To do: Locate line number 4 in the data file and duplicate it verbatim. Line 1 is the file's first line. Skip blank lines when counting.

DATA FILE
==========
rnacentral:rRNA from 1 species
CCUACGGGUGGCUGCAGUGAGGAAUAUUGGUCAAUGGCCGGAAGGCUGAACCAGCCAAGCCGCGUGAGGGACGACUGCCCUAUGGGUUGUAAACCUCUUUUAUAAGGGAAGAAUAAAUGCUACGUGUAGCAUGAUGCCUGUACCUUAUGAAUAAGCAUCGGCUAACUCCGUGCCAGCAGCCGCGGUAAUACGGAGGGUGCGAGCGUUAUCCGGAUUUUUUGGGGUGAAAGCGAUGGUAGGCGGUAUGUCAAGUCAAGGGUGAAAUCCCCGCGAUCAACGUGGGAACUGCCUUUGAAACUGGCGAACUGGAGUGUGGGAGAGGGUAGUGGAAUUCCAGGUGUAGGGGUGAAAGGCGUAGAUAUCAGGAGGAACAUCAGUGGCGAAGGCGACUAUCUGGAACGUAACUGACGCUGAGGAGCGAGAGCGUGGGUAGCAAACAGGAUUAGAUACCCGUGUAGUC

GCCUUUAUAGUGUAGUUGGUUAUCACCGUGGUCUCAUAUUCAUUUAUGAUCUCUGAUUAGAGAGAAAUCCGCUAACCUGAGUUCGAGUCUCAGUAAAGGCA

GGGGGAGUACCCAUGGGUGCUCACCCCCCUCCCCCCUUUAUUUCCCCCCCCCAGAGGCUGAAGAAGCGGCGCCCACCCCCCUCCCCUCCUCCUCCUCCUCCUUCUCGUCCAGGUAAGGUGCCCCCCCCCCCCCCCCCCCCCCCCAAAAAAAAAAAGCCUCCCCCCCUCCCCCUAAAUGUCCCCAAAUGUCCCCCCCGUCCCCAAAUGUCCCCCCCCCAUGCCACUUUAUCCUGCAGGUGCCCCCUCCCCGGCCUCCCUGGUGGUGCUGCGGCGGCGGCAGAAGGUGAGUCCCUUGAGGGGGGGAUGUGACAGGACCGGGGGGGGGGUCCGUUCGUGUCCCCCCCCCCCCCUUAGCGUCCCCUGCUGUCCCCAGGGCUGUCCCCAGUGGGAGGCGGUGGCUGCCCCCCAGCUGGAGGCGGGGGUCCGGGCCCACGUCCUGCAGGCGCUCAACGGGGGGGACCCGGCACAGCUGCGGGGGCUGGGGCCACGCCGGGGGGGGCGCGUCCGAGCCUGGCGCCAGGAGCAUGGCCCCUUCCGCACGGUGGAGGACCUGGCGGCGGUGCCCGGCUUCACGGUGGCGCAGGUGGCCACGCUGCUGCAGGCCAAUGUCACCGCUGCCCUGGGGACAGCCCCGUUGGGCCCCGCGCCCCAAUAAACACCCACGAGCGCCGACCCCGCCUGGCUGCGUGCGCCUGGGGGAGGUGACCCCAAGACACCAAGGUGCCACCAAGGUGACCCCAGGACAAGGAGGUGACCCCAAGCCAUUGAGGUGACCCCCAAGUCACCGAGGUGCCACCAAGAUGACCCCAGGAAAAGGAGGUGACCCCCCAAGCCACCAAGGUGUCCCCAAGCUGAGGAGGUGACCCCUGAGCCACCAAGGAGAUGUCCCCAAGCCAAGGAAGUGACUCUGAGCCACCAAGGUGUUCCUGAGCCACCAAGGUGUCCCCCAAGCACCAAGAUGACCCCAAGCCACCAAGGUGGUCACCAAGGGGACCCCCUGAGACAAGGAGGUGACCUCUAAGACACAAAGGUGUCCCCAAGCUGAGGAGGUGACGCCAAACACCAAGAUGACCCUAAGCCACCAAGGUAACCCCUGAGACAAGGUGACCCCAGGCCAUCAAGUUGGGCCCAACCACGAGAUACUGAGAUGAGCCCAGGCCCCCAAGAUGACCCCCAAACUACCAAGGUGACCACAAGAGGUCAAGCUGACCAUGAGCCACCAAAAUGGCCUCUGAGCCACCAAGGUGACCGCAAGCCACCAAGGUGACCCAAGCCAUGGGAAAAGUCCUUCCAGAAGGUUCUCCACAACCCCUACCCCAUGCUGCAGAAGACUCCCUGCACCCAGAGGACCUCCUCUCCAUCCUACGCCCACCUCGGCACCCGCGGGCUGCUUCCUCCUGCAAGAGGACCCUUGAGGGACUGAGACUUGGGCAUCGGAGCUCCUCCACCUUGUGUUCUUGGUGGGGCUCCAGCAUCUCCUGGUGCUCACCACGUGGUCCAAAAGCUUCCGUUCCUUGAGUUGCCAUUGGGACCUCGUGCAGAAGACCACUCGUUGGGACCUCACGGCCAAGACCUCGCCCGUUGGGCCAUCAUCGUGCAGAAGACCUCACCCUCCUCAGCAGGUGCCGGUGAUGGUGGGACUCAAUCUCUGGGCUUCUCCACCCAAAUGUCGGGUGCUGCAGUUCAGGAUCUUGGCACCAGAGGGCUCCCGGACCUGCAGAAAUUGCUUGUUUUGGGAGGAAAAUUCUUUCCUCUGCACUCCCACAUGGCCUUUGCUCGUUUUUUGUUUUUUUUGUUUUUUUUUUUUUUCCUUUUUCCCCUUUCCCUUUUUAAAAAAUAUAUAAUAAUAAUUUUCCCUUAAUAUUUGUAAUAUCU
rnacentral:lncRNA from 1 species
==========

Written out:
GGGGGAGUACCCAUGGGUGCUCACCCCCCUCCCCCCUUUAUUUCCCCCCCCCAGAGGCUGAAGAAGCGGCGCCCACCCCCCUCCCCUCCUCCUCCUCCUCCUUCUCGUCCAGGUAAGGUGCCCCCCCCCCCCCCCCCCCCCCCCAAAAAAAAAAAGCCUCCCCCCCUCCCCCUAAAUGUCCCCAAAUGUCCCCCCCGUCCCCAAAUGUCCCCCCCCCAUGCCACUUUAUCCUGCAGGUGCCCCCUCCCCGGCCUCCCUGGUGGUGCUGCGGCGGCGGCAGAAGGUGAGUCCCUUGAGGGGGGGAUGUGACAGGACCGGGGGGGGGGUCCGUUCGUGUCCCCCCCCCCCCCUUAGCGUCCCCUGCUGUCCCCAGGGCUGUCCCCAGUGGGAGGCGGUGGCUGCCCCCCAGCUGGAGGCGGGGGUCCGGGCCCACGUCCUGCAGGCGCUCAACGGGGGGGACCCGGCACAGCUGCGGGGGCUGGGGCCACGCCGGGGGGGGCGCGUCCGAGCCUGGCGCCAGGAGCAUGGCCCCUUCCGCACGGUGGAGGACCUGGCGGCGGUGCCCGGCUUCACGGUGGCGCAGGUGGCCACGCUGCUGCAGGCCAAUGUCACCGCUGCCCUGGGGACAGCCCCGUUGGGCCCCGCGCCCCAAUAAACACCCACGAGCGCCGACCCCGCCUGGCUGCGUGCGCCUGGGGGAGGUGACCCCAAGACACCAAGGUGCCACCAAGGUGACCCCAGGACAAGGAGGUGACCCCAAGCCAUUGAGGUGACCCCCAAGUCACCGAGGUGCCACCAAGAUGACCCCAGGAAAAGGAGGUGACCCCCCAAGCCACCAAGGUGUCCCCAAGCUGAGGAGGUGACCCCUGAGCCACCAAGGAGAUGUCCCCAAGCCAAGGAAGUGACUCUGAGCCACCAAGGUGUUCCUGAGCCACCAAGGUGUCCCCCAAGCACCAAGAUGACCCCAAGCCACCAAGGUGGUCACCAAGGGGACCCCCUGAGACAAGGAGGUGACCUCUAAGACACAAAGGUGUCCCCAAGCUGAGGAGGUGACGCCAAACACCAAGAUGACCCUAAGCCACCAAGGUAACCCCUGAGACAAGGUGACCCCAGGCCAUCAAGUUGGGCCCAACCACGAGAUACUGAGAUGAGCCCAGGCCCCCAAGAUGACCCCCAAACUACCAAGGUGACCACAAGAGGUCAAGCUGACCAUGAGCCACCAAAAUGGCCUCUGAGCCACCAAGGUGACCGCAAGCCACCAAGGUGACCCAAGCCAUGGGAAAAGUCCUUCCAGAAGGUUCUCCACAACCCCUACCCCAUGCUGCAGAAGACUCCCUGCACCCAGAGGACCUCCUCUCCAUCCUACGCCCACCUCGGCACCCGCGGGCUGCUUCCUCCUGCAAGAGGACCCUUGAGGGACUGAGACUUGGGCAUCGGAGCUCCUCCACCUUGUGUUCUUGGUGGGGCUCCAGCAUCUCCUGGUGCUCACCACGUGGUCCAAAAGCUUCCGUUCCUUGAGUUGCCAUUGGGACCUCGUGCAGAAGACCACUCGUUGGGACCUCACGGCCAAGACCUCGCCCGUUGGGCCAUCAUCGUGCAGAAGACCUCACCCUCCUCAGCAGGUGCCGGUGAUGGUGGGACUCAAUCUCUGGGCUUCUCCACCCAAAUGUCGGGUGCUGCAGUUCAGGAUCUUGGCACCAGAGGGCUCCCGGACCUGCAGAAAUUGCUUGUUUUGGGAGGAAAAUUCUUUCCUCUGCACUCCCACAUGGCCUUUGCUCGUUUUUUGUUUUUUUUGUUUUUUUUUUUUUUCCUUUUUCCCCUUUCCCUUUUUAAAAAAUAUAUAAUAAUAAUUUUCCCUUAAUAUUUGUAAUAUCU